• mental meltdown •

A man is having a mental meltdown, one night, on the side of an interstate highway. He weeps, disconsolately, the very picture of exposure and defeat. Headlights from slowing vehicles Illuminate the bizarre scene. Strobes from a prowler slash the night sky at stultifying and painful intervals. Here and there, scattered on the ground before the loon, elements of what may be a sideboard, are revealed to baffled passing motorists.

Above the fray, two ‘Staties’ (state highway patrolmen) stand silhouetted in stark relief, looming over the shattered subject.

Of the two public servants, lawman number one has a hat; the sort that Marine Corps drill sergeants wear. The other officer sports a glistening flattop (the results of a latest round of experimental testosterone enhancements) atop a sweating pate. He is slowly shaking his not-insubstantial head, over a not-insubstantial neck, which are, in turn, supported by a pair of decidedly not-insubstantial shoulders, and so on, right down to his not-insubstantial predisposed thick-necked genome. The constable looks down on the flailing ‘perp’, with embarrassment, chagrin, and something akin to the pity one feels for a dewy-eyed gazelle, on an African savanna, just before David Attenborough says something pithy about ‘natural selection’.

In fact, what the officer is thinking is, ‘Pitiful.’

Surveying the scene with the sort of satisfaction a cat gets from snagging a lady’s last pair of nylons, the first officer clicks his tongue, in the direction of his partner, and points, ‘Indian style’, with his chin, at the results of his own diabolical innovation: a roadside sobriety test, as daunting as any, exulting, “I call it, the IKEA. Catches out the stoners, every time.”

~ Tim Burchfield

4/15/18

Advertisements

• on this, the fiftieth anniversary •

On this, the fiftieth anniversary of the assassination of Doctor Martin Luther King, I recall, as a child, back in the sixties, seeing a long, long train of black men and women, walking silently in the rain, holding the hands of their children, along the side of the main road, on a soaking summers day, as we drove slowly past, on our way to our yearly family summer vacation.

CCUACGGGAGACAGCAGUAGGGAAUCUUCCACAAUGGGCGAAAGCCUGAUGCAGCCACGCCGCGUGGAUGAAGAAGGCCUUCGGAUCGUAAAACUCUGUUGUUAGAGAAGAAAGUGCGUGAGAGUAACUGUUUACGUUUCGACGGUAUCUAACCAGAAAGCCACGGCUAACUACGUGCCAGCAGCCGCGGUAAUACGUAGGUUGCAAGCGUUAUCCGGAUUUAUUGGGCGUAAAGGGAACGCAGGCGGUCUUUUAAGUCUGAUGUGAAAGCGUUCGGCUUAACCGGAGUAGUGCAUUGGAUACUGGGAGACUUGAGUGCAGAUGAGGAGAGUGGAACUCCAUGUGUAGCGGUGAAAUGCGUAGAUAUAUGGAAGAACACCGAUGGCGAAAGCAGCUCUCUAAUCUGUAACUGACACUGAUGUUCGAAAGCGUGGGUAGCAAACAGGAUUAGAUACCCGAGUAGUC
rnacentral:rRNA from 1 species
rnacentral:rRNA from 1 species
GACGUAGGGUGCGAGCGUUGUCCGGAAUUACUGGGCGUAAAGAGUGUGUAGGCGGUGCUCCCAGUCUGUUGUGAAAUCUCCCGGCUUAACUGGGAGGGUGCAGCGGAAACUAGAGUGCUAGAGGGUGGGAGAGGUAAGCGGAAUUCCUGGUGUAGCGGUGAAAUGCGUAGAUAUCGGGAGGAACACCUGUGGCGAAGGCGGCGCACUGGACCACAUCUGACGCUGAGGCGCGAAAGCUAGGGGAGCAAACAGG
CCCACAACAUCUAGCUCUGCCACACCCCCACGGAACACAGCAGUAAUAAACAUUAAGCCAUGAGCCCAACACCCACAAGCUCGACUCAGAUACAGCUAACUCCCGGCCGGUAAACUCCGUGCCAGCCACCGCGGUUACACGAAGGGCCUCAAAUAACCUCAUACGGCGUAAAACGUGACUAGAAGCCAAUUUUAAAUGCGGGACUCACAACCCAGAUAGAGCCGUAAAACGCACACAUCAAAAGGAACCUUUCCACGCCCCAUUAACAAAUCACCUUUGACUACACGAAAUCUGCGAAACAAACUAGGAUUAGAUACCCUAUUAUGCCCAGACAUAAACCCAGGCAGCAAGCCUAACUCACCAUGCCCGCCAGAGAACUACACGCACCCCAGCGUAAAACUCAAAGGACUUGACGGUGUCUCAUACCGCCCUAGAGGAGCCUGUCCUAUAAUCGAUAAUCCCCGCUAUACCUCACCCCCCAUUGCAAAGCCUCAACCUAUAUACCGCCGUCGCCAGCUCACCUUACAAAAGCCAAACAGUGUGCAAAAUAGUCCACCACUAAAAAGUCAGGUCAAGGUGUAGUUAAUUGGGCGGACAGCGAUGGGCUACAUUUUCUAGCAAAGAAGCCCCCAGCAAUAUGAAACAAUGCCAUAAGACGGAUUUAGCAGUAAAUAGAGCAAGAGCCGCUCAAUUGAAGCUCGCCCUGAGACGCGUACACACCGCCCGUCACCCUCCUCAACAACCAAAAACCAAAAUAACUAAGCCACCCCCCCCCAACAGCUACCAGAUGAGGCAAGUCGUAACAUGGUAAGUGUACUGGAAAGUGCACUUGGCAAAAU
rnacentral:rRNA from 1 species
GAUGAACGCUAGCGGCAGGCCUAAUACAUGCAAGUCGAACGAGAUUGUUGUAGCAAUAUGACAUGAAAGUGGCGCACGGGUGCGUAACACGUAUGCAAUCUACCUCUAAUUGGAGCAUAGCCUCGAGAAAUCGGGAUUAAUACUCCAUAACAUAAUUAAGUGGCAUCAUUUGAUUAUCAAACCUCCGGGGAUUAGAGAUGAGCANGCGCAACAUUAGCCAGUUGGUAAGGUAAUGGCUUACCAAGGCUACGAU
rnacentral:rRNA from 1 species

Some people had umbrellas, as I recall, but most were soaked to the bone, in what looked to be, to my five-year-old eyes, their Sunday best. It wasn’t wet Sunday shoes, slogging through wet grass, that got my attention, though I did marvel at that(as wet shoes were a big no-no, in our house). It was this: every face looked as if they carried an unnamed burden. All, in unity, a veritable marching community, who had a plan, and were determined to see it through. Or, that’s the impression I seem to recall. A very pervasive reverence, to be sure.

My parents sat silent, in the front of our ‘56 Buick, and answered none of my questions about who they might be, or where they were going, in the rain, in their Sunday shoes.

Of course, I couldn’t have known where all these ‘church folks’, were headed, with their silent prayers, or what they were going to do, when they got there.

I only figured out, years later, what I had (very probably) seen: history in the making. And, at the head of the throng, very probably, marched Doctor Martin Luther King.

I still think about the people, on that long ago summers day, on a rain-soaked highway, and marvel at the remembrance of their conviction, in the face of danger, and of their courage and fortitude, in the face of adversity.

~ Tim Burchfield

4/5/18